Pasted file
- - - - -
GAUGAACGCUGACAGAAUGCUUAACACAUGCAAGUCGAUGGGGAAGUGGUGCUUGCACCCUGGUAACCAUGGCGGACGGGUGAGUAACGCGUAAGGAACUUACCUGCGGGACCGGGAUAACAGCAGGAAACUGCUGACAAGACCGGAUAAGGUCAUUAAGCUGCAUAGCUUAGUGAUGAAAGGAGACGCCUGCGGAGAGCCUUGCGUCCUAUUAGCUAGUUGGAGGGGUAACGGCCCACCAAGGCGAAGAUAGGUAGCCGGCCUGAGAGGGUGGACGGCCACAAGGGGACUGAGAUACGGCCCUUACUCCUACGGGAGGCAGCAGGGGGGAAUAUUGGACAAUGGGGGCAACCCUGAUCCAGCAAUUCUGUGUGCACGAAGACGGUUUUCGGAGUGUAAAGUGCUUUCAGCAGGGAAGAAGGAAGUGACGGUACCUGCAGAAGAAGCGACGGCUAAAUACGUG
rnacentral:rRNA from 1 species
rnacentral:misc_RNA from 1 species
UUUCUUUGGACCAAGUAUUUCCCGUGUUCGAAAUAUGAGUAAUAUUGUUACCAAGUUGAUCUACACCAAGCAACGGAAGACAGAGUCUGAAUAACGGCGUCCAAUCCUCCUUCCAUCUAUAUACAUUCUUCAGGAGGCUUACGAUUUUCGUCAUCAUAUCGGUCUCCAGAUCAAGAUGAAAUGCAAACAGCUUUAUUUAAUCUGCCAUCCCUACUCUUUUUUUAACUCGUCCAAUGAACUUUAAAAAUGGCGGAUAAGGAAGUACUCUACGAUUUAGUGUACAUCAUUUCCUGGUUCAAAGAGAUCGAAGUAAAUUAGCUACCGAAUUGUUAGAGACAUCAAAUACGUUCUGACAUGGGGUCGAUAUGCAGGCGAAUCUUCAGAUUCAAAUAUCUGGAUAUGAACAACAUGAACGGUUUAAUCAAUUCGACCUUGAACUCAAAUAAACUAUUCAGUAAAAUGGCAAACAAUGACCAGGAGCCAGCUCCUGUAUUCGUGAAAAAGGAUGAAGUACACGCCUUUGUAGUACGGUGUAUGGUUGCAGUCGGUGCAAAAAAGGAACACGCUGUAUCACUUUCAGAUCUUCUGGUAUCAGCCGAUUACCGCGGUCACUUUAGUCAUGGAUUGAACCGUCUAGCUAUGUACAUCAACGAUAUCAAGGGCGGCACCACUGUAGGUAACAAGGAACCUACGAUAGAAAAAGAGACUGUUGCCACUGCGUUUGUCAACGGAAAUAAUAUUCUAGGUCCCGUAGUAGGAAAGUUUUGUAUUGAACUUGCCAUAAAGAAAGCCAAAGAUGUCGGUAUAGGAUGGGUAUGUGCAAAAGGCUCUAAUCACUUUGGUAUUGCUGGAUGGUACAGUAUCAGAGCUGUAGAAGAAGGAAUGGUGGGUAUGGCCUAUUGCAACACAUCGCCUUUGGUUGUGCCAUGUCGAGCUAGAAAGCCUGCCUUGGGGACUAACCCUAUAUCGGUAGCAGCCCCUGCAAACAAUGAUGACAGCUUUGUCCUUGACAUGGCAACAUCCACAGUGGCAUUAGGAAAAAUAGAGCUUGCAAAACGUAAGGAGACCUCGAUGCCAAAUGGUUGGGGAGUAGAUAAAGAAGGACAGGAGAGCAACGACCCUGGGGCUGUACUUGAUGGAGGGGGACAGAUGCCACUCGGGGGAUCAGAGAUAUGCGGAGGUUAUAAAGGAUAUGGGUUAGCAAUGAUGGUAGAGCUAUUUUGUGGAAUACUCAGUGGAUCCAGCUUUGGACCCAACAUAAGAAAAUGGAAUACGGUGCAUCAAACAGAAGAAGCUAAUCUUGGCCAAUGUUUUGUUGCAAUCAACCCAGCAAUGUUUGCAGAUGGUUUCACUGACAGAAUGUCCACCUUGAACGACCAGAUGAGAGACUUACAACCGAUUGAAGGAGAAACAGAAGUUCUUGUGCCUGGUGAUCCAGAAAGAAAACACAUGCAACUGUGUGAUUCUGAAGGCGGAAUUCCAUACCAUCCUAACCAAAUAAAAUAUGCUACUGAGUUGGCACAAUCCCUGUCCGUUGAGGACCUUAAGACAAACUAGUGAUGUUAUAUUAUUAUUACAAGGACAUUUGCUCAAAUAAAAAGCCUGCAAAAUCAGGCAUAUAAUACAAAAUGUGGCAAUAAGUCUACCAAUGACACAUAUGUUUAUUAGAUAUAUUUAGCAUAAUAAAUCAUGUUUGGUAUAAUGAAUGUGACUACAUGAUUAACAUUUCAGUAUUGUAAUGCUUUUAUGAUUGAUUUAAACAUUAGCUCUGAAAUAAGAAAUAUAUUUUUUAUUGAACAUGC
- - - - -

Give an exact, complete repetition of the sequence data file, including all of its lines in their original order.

GAUGAACGCUGACAGAAUGCUUAACACAUGCAAGUCGAUGGGGAAGUGGUGCUUGCACCCUGGUAACCAUGGCGGACGGGUGAGUAACGCGUAAGGAACUUACCUGCGGGACCGGGAUAACAGCAGGAAACUGCUGACAAGACCGGAUAAGGUCAUUAAGCUGCAUAGCUUAGUGAUGAAAGGAGACGCCUGCGGAGAGCCUUGCGUCCUAUUAGCUAGUUGGAGGGGUAACGGCCCACCAAGGCGAAGAUAGGUAGCCGGCCUGAGAGGGUGGACGGCCACAAGGGGACUGAGAUACGGCCCUUACUCCUACGGGAGGCAGCAGGGGGGAAUAUUGGACAAUGGGGGCAACCCUGAUCCAGCAAUUCUGUGUGCACGAAGACGGUUUUCGGAGUGUAAAGUGCUUUCAGCAGGGAAGAAGGAAGUGACGGUACCUGCAGAAGAAGCGACGGCUAAAUACGUG
rnacentral:rRNA from 1 species
rnacentral:misc_RNA from 1 species
UUUCUUUGGACCAAGUAUUUCCCGUGUUCGAAAUAUGAGUAAUAUUGUUACCAAGUUGAUCUACACCAAGCAACGGAAGACAGAGUCUGAAUAACGGCGUCCAAUCCUCCUUCCAUCUAUAUACAUUCUUCAGGAGGCUUACGAUUUUCGUCAUCAUAUCGGUCUCCAGAUCAAGAUGAAAUGCAAACAGCUUUAUUUAAUCUGCCAUCCCUACUCUUUUUUUAACUCGUCCAAUGAACUUUAAAAAUGGCGGAUAAGGAAGUACUCUACGAUUUAGUGUACAUCAUUUCCUGGUUCAAAGAGAUCGAAGUAAAUUAGCUACCGAAUUGUUAGAGACAUCAAAUACGUUCUGACAUGGGGUCGAUAUGCAGGCGAAUCUUCAGAUUCAAAUAUCUGGAUAUGAACAACAUGAACGGUUUAAUCAAUUCGACCUUGAACUCAAAUAAACUAUUCAGUAAAAUGGCAAACAAUGACCAGGAGCCAGCUCCUGUAUUCGUGAAAAAGGAUGAAGUACACGCCUUUGUAGUACGGUGUAUGGUUGCAGUCGGUGCAAAAAAGGAACACGCUGUAUCACUUUCAGAUCUUCUGGUAUCAGCCGAUUACCGCGGUCACUUUAGUCAUGGAUUGAACCGUCUAGCUAUGUACAUCAACGAUAUCAAGGGCGGCACCACUGUAGGUAACAAGGAACCUACGAUAGAAAAAGAGACUGUUGCCACUGCGUUUGUCAACGGAAAUAAUAUUCUAGGUCCCGUAGUAGGAAAGUUUUGUAUUGAACUUGCCAUAAAGAAAGCCAAAGAUGUCGGUAUAGGAUGGGUAUGUGCAAAAGGCUCUAAUCACUUUGGUAUUGCUGGAUGGUACAGUAUCAGAGCUGUAGAAGAAGGAAUGGUGGGUAUGGCCUAUUGCAACACAUCGCCUUUGGUUGUGCCAUGUCGAGCUAGAAAGCCUGCCUUGGGGACUAACCCUAUAUCGGUAGCAGCCCCUGCAAACAAUGAUGACAGCUUUGUCCUUGACAUGGCAACAUCCACAGUGGCAUUAGGAAAAAUAGAGCUUGCAAAACGUAAGGAGACCUCGAUGCCAAAUGGUUGGGGAGUAGAUAAAGAAGGACAGGAGAGCAACGACCCUGGGGCUGUACUUGAUGGAGGGGGACAGAUGCCACUCGGGGGAUCAGAGAUAUGCGGAGGUUAUAAAGGAUAUGGGUUAGCAAUGAUGGUAGAGCUAUUUUGUGGAAUACUCAGUGGAUCCAGCUUUGGACCCAACAUAAGAAAAUGGAAUACGGUGCAUCAAACAGAAGAAGCUAAUCUUGGCCAAUGUUUUGUUGCAAUCAACCCAGCAAUGUUUGCAGAUGGUUUCACUGACAGAAUGUCCACCUUGAACGACCAGAUGAGAGACUUACAACCGAUUGAAGGAGAAACAGAAGUUCUUGUGCCUGGUGAUCCAGAAAGAAAACACAUGCAACUGUGUGAUUCUGAAGGCGGAAUUCCAUACCAUCCUAACCAAAUAAAAUAUGCUACUGAGUUGGCACAAUCCCUGUCCGUUGAGGACCUUAAGACAAACUAGUGAUGUUAUAUUAUUAUUACAAGGACAUUUGCUCAAAUAAAAAGCCUGCAAAAUCAGGCAUAUAAUACAAAAUGUGGCAAUAAGUCUACCAAUGACACAUAUGUUUAUUAGAUAUAUUUAGCAUAAUAAAUCAUGUUUGGUAUAAUGAAUGUGACUACAUGAUUAACAUUUCAGUAUUGUAAUGCUUUUAUGAUUGAUUUAAACAUUAGCUCUGAAAUAAGAAAUAUAUUUUUUAUUGAACAUGC